Governor Steve Beshear's Communications Office
Governor Beshear Appoints David L. Armstrong as Chair of Kentucky Public Service Commission

Press Release Date:  Monday, June 02, 2008  
Contact Information:  Dick Brown
502-564-2611
 


FRANKFORT, Ky. – Gov. Steve Beshear today appointed David L. Armstrong as Chair of the Kentucky Public Service Commission, effective June 1, 2008.  The governor also appointed James W. Gardner as Vice-Chair of the Commission, effective June 16, 2008.

“These gentlemen have extensive and diverse careers in the public and private sectors that will serve them well in administering an agency that works within the rapidly evolving regulatory environment,” said Gov. Beshear.  “The business of the Commonwealth will be accomplished with integrity and excellence under the management of these two individuals.”

Armstrong, of Louisville, has most recently worked as an attorney at Greenebaum Doll & McDonald, PLLC. His career has included service as Mayor of Louisville, County Judge/Executive of Jefferson County, Kentucky Attorney General, Commonwealth’s Attorney for the 30th Judicial District and Jefferson County juvenile court judge. Armstrong received his B.S. from Murray State University and his law degree from the University of Louisville School of Law. He replaces Mark David Goss who resigned May 2, 2008. Armstrong shall serve for a term expiring July 1, 2011.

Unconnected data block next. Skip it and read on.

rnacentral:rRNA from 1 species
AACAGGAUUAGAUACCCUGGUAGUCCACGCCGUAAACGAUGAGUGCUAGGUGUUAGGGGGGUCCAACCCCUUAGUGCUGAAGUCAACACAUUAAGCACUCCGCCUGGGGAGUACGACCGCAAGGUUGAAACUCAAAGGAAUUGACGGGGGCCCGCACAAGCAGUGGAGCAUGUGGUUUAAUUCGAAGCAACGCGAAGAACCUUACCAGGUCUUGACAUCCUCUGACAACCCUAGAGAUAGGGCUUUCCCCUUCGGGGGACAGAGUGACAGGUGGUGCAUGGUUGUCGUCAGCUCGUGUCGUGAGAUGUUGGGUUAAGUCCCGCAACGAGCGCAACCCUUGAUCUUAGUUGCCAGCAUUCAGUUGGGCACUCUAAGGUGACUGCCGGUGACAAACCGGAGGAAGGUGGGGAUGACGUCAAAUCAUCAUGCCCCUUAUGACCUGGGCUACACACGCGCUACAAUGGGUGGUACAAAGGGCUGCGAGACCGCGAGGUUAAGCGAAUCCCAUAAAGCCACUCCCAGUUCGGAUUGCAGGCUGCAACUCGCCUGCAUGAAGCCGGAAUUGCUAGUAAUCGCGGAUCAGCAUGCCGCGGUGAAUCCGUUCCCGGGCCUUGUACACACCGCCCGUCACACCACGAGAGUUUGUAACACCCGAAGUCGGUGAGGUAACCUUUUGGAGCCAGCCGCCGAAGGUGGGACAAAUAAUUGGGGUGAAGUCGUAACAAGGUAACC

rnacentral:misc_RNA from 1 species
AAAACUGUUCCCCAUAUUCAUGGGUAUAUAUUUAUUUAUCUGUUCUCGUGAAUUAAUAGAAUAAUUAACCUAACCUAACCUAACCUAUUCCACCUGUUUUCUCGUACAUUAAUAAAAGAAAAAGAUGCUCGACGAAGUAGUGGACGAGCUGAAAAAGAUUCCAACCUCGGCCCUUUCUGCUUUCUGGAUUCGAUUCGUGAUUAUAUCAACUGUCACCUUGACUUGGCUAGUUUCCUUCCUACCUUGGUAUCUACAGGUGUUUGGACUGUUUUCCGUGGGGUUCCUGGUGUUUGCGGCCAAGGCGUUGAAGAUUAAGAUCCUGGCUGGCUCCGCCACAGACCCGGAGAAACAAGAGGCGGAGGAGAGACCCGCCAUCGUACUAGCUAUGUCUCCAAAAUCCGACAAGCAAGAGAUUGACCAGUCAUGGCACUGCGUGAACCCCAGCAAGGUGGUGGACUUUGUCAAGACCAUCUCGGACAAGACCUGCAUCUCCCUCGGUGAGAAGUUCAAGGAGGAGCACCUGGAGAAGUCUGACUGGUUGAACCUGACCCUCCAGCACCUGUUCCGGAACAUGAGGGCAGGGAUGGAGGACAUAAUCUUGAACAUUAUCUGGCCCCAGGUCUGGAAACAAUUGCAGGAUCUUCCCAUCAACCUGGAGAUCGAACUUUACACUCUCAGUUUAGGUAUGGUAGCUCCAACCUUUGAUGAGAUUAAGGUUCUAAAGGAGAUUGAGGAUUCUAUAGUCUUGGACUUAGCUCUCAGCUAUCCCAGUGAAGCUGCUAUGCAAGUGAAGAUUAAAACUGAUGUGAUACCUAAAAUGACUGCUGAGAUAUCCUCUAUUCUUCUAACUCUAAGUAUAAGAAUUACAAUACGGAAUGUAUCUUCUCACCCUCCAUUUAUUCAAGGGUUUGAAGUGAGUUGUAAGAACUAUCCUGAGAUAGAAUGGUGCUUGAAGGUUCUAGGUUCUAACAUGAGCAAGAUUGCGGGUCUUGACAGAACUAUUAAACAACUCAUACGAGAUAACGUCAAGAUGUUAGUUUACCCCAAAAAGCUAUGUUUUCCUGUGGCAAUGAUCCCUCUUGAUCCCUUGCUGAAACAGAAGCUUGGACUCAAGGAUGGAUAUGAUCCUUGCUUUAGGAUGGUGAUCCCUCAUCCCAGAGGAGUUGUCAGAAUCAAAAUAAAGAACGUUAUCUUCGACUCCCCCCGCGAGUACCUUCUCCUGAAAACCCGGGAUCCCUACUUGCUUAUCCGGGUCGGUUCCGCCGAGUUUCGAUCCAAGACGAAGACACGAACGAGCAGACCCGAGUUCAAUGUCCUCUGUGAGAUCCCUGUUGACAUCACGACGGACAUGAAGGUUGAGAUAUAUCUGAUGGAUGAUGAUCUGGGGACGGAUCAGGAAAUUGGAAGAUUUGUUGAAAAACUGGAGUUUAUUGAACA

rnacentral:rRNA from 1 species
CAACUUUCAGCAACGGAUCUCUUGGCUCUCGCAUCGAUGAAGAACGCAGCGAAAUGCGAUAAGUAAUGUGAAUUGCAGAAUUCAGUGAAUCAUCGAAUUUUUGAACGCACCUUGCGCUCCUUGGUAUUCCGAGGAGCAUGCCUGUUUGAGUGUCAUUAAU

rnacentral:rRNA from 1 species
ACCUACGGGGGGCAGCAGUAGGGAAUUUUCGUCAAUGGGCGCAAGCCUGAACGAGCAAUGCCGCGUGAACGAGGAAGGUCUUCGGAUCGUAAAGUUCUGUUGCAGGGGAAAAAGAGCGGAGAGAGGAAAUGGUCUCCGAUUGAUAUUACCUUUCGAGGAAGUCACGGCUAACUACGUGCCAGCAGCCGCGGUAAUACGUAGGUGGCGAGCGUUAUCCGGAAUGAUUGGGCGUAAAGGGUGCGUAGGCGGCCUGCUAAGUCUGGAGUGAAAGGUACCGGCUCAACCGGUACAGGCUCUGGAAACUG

Gardner, of Lexington, has most recently worked as an attorney at Henry Watz Gardner & Sellars, PLLC. He previously served on the Lexington-Fayette Urban County Council. Gardner received his B.A. from Georgetown College and his law degree from the University of Kentucky. He fills the unexpired term of Caroline Clark who resigned effective June 2, 2008. Gardner shall serve a full term effective July 1, 2008 and expiring July 1, 2012.

John W. Clay will continue his service as a PSC commissioner.  His term expires July 1, 2009.

The Kentucky Public Service Commission is composed of three commissioners who serve overlapping four-year terms.  It regulates more than 1,500 gas, water, sewer, electric and telecommunication utilities operating in the Commonwealth of Kentucky.  It is funded by an assessment paid by all utilities under the Commission’s jurisdiction based on a utility’s annual gross intrastate revenues.

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